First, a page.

CSA Information & Updates

While we are in the middle of this oppressive heat wave several crops have stopped producing due to heat stress. They will start again once the temperatures in the field fall below 100 degrees. Which Myself, Mark and the farm crew will appreciate as much as well. We are asking for only our Bi-weekly shareholder to pickup this weekend. I will be giving our Weekly shareholders a rain-check pickup in September for this weeks missed share. P.s. y’all don’t worry about missing out on the okra or Edamame  we’ll have both over the next few weekends.

Bi-weekly only pickup this only this weekend.

this weeks CSA shareholder’s recipes are posted on the blog. Also if there is a vegetable in your basket you are unsure how to prepare or need some new ideas, please asked Jane at the market she has our recipe box there with her.

Farm Market News & Information

This weekend I will be heading back on tour this weekend leaving the farm and Lucca in the capable hands of Old farmer Mark and the crew.  It is never easy to leave the farm for me I tend to worry about things when I am gone. But I will say I am looking forward to ditching my muck boots and donning on my high-heels and lipstick for a couple of days…it does feel good to be a little girlie every now and then.

For those of you both farm visitors and CSA shareholders if you are planning on cutting flowers this weekend keep in mind the heat. Flower loathe being harvested during the heat of the day and in fact will reward you with a short vase life and wilted stems. It is best to cut in the morning hours when the air is cooler and the flowers have had all night to re-hydrate themselves.  Never leave your basket or bouquet in a hot car or in direct sunlight. Once you get your flowers home re-cut their stems and remove any leaves below the water line and place them a cool clean water.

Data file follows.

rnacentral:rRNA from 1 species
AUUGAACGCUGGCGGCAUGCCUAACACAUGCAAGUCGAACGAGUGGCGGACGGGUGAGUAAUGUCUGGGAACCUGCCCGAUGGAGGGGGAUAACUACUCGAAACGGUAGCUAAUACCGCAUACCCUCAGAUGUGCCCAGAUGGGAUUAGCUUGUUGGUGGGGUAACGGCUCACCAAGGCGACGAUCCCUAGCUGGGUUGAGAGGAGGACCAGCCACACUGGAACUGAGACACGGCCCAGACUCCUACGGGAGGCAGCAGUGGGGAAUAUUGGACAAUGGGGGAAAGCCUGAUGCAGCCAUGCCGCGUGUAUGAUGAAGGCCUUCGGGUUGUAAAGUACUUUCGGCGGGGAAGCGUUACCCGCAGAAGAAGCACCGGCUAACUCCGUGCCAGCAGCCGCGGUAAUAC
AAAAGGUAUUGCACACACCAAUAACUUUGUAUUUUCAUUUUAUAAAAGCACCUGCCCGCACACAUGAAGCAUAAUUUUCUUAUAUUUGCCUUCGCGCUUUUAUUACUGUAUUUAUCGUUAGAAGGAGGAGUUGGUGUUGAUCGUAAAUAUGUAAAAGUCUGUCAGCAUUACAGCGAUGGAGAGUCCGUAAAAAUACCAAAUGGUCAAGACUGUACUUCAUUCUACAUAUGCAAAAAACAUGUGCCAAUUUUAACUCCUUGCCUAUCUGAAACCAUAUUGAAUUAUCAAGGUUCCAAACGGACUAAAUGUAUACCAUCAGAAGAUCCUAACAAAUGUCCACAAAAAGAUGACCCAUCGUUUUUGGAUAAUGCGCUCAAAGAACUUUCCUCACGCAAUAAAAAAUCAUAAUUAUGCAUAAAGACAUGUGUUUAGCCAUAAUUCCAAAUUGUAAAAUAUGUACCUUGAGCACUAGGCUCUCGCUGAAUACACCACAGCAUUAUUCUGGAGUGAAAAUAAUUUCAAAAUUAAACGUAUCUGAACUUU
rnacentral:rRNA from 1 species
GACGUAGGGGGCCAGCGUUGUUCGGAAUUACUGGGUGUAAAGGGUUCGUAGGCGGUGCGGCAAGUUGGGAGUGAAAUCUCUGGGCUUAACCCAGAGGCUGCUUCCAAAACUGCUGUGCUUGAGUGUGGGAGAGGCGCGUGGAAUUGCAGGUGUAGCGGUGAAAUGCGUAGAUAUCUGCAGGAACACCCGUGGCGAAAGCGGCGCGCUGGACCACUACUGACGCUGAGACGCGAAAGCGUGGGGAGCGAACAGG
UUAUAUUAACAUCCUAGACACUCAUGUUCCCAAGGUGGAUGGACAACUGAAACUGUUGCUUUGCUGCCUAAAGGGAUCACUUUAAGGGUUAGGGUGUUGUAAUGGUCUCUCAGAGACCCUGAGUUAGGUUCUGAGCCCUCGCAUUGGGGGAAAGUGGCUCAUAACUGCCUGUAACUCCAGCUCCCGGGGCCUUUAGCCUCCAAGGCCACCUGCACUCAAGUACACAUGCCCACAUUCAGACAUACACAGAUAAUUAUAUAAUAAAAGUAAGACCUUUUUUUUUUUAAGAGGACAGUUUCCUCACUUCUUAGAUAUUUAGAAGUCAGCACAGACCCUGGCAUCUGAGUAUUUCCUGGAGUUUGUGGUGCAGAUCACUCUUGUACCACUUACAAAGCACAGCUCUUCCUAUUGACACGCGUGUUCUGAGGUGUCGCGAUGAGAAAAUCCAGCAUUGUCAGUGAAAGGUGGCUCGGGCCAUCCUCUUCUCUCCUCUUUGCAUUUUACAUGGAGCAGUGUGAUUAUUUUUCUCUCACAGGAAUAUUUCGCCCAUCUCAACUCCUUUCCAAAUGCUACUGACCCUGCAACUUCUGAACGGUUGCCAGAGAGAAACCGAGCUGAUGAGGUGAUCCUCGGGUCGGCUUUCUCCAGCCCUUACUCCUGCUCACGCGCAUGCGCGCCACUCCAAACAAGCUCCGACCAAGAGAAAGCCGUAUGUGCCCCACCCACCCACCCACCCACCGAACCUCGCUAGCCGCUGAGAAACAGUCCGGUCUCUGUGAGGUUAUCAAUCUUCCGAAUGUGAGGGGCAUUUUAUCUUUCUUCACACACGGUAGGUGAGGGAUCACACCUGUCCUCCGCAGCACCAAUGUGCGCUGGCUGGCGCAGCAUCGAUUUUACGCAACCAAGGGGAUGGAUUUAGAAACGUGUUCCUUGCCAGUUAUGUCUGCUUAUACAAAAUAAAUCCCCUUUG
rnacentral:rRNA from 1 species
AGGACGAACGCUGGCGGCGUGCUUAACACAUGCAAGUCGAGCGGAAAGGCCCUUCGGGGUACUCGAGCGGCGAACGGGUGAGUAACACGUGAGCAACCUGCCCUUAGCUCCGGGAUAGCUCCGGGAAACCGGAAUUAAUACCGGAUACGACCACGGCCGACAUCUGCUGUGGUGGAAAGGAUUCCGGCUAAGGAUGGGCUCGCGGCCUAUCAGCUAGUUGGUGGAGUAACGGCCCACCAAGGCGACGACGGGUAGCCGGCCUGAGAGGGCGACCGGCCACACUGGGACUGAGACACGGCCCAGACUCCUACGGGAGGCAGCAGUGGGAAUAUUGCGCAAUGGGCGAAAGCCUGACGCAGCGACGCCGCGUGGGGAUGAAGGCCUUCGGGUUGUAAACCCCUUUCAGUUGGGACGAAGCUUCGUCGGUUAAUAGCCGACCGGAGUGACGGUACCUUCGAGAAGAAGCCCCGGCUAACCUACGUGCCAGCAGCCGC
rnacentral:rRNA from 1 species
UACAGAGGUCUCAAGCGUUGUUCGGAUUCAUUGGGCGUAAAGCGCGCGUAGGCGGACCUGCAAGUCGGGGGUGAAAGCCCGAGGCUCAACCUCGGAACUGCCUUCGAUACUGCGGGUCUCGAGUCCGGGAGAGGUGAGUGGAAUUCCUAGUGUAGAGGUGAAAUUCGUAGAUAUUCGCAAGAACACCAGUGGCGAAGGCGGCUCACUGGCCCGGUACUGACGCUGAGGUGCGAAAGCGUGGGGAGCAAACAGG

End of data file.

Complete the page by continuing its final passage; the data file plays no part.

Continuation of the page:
Cheryl Zeck Madison Creek Farm Workshop

Free Workshop.…Saturday August 14th. 10:30 am the farm house kitchen Cheryl Zeck will be hosting a free workshop on making homemade Cinnamon Rolls.  A lot of you may remember Cheryl from last fall’s workshop she hosted on making homemade egg noddles. We had rave reviews from attendees as well as from Mark who benefited from plate Cheryl saved him for dinner…yum!

Leave us a comment here on the blog we love hearing from you.

See y’all back on the farm!


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My name is Peggy Lynn Marchetti. I am a wife, a mother of two beautiful, never boring children, and a farmer... that's right - a farmer... a female farmer to be exact. I live on a beautiful little third generation organic farm in middle Tennessee.

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2 comments on “Havesting Farm Fresh Okra
  1. Cindy says:

    Thanks for sharing your recipes. Love your website. Hope you had a wonderful birthday! Keep up the good work.

  2. Flassie says:

    Thanks for sharing the recipes!

    I’ll let my son know about the okra. He had 4th stage colorectal cancer. He’s fine now.
    He picked up the guitar for the first time while going through treatment and loves it.
    I’ll ask him if it is in the markets in Sweden where he lives.

    I enjoy making my own pasta. I bet that was such a fun class. I’ve made made a green pasta using dandelion.

    Enjoyed the video!

    I seen you have a donkey and like to
    read a good blog. Check out Katherine Dunn at the Apifera Farm blog. She is a artist, writer and farmer. She has three blogs.

    God Bless You and Yours!!!